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Valence-programmable nanoparticle architectures.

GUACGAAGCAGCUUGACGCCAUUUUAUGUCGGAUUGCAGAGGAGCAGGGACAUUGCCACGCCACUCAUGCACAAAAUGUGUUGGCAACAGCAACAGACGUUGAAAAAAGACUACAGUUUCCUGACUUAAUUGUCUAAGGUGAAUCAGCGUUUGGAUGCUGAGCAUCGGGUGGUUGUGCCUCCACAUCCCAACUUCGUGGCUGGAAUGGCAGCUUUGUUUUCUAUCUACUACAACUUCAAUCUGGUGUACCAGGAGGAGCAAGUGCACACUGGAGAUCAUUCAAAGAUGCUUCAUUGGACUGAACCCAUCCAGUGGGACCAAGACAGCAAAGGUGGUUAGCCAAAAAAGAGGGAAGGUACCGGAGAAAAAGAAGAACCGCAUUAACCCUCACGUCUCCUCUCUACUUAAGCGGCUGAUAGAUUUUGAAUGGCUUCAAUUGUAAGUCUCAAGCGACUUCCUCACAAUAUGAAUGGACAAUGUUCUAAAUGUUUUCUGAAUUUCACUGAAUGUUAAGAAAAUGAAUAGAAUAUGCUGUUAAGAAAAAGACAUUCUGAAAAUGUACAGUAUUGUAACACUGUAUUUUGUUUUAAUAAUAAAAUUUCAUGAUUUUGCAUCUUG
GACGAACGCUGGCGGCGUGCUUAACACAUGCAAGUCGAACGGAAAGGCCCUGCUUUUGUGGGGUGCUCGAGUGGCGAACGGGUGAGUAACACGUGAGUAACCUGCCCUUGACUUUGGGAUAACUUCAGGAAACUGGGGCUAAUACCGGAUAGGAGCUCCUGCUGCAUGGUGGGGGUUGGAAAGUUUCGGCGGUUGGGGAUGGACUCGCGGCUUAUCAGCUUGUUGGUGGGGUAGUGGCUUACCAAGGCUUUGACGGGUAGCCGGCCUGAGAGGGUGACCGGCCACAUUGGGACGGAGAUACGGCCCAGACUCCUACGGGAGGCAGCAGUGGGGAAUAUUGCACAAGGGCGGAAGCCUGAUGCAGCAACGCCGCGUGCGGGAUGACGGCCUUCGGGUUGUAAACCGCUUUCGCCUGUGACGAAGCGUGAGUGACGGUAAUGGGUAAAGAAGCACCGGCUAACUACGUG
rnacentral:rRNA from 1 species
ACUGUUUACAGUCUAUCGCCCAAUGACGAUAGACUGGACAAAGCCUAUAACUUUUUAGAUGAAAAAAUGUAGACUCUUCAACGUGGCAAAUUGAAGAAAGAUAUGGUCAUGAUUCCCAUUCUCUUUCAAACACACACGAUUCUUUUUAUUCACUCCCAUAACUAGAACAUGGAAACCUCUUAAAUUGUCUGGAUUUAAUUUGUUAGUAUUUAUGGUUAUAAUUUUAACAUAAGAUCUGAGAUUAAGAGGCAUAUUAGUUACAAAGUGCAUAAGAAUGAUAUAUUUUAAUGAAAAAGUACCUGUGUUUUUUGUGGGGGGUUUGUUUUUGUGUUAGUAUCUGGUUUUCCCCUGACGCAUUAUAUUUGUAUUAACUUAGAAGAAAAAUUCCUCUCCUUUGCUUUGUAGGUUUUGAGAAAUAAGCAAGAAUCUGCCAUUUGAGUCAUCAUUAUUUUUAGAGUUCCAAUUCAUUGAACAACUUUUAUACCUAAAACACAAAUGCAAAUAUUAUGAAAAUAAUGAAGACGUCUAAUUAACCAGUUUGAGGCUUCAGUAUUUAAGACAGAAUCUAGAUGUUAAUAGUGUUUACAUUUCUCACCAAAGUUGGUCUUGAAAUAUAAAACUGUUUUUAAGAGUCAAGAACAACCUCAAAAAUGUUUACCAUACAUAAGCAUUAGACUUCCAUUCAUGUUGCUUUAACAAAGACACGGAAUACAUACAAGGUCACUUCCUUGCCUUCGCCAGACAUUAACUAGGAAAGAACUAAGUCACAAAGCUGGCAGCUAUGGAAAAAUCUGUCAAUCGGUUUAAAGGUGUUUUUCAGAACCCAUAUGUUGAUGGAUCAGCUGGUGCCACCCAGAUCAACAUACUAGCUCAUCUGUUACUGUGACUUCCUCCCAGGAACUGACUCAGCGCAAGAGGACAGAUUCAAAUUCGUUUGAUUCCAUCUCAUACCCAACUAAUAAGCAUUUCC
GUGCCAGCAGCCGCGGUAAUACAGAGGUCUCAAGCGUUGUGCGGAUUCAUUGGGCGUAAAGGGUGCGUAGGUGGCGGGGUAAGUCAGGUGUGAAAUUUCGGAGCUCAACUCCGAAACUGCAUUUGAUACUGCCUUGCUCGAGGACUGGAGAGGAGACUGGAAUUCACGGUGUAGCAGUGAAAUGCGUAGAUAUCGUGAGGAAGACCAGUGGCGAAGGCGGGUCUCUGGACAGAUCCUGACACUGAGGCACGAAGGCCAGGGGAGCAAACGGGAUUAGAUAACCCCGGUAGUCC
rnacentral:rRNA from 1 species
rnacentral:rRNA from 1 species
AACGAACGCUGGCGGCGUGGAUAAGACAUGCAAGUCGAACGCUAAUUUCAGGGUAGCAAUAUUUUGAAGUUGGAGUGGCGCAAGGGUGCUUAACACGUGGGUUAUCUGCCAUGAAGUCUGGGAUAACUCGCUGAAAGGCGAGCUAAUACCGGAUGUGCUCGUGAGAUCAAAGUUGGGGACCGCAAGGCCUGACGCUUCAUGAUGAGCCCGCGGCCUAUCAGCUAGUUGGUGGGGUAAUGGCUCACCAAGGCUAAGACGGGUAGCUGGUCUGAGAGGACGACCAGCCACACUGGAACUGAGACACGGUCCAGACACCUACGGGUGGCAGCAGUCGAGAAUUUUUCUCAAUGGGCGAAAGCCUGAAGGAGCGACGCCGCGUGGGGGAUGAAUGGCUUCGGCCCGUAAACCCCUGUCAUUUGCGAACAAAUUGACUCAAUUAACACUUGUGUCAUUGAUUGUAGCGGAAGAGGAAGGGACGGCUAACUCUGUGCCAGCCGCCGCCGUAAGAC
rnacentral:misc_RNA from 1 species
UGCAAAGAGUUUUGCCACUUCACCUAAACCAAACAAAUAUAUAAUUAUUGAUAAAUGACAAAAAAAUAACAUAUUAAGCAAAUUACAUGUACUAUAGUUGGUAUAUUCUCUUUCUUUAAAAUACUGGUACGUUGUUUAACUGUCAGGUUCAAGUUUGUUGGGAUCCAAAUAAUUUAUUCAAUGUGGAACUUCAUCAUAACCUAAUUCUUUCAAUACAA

Nanoparticle-based clusters permit the harvesting of collective and emergent properties, with applications ranging from optics and sensing to information processing and catalysis. However, existing approaches to create such architectures are typically system-specific, which limits designability and fabrication. Our work addresses this challenge by demonstrating that cluster architectures can be rationally formed using components with programmable valence. We realize cluster assemblies by employing a three-dimensional (3D) DNA meshframe with high spatial symmetry as a site-programmable scaffold, which can be prescribed with desired valence modes and affinity types. Thus, this meshframe serves as a versatile platform for coordination of nanoparticles into desired cluster architectures. Using the same underlying frame, we show the realization of a variety of preprogrammed designed valence modes, which allows for assembling 3D clusters with complex architectures. The structures of assembled 3D clusters are verified by electron microcopy imaging, cryo-EM tomography and in-situ X-ray scattering methods. We also find a close agreement between structural and optical properties of designed chiral architectures.

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